Adobe patches critical Flash bugs, ships sandboxed plug-in for Firefox

Also delivers silent updater for OS X, readies Flash for Mountain Lion

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A sandbox isolates processes on the computer, preventing, or at least hindering, hackers trying to exploit an unpatched vulnerability, escalate privileges and push malware onto the machine.

Adobe first sandboxed Flash Player for Google's Chrome in late 2010 after working with Google engineers; the sandboxed plug-in for Firefox came after similar cooperation from Mozilla engineers, Adobe said several months ago.

The Mac background updater debuted just over a month ago in a beta version of Flash Player 11.3, but went final today. The tool is identical to the Windows version, which Adobe launched in March: It pings Adobe's servers every hour until it gets a response. If it reaches Adobe and finds no ready update, the tool re-checks the servers 24 hours later. Found updates, however, are applied entirely in the background, and do not display notices on the screen or require the user to take any action.

By default, Flash 11.3 has silent updates switched on for OS X users, but they can change the setting to continue to receive on-screen alerts, or more dangerously, decline all updates.

Adobe has also prepared Flash Player for the release of Apple's next desktop operating system, Mountain Lion.

Mountain Lion includes a new feature called Gatekeeper that by default will let users install only software downloaded from the Mac App Store -- the Apple-curated market that debuted in January 2011 -- or signed with certificates Apple provides free-of-charge to registered developers.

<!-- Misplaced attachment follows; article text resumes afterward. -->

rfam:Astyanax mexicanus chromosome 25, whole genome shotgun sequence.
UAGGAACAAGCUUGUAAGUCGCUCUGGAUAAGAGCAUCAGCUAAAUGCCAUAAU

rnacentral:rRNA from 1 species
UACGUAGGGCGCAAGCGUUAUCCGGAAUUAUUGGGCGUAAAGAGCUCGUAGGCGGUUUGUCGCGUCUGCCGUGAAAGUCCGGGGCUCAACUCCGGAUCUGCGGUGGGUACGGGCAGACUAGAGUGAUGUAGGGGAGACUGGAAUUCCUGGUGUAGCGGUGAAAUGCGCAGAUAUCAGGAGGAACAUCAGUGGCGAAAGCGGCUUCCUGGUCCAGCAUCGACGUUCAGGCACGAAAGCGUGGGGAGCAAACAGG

Gatekeeper is Apple's reaction to last year's spread of the Mac Defender malware, which was tucked into fake security software: Gatekeeper will prevent such "scareware" from ending up on Macs.

"Starting with Flash Player 11.3, Adobe has started signing releases for Mac OS X using an Apple Developer ID certificate," said Brad Arkin, Adobe's senior director of security, products and services, on a company blog today. "Therefore, if the Gatekeeper setting is set to 'Mac App Store and identified developers,' end-users will be able to install Flash Player without being blocked."

Because Flash is not distributed through Apple's desktop app market, if users set Gatekeeper to the most restrictive option -- "Mac App Store" -- they won't be able to install or update Flash Player.

Flash Player was upgraded Friday to version 11.3 for Windows and OS X, to 11.2 for Linux and to 11.1 for Android. As of 3 p.m. ET, Google had yet to update Chrome, which includes its own version of Flash, to gives its users the patched edition.

Gregg Keizer covers Microsoft, security issues, Apple, Web browsers and general technology breaking news for Computerworld. Follow Gregg on Twitter at @gkeizer, on Google+ or subscribe to Gregg's RSS feed . His email address is gkeizer@computerworld.com.

See more by Gregg Keizer on Computerworld.com.

Copyright © 2012 IDG Communications, Inc.

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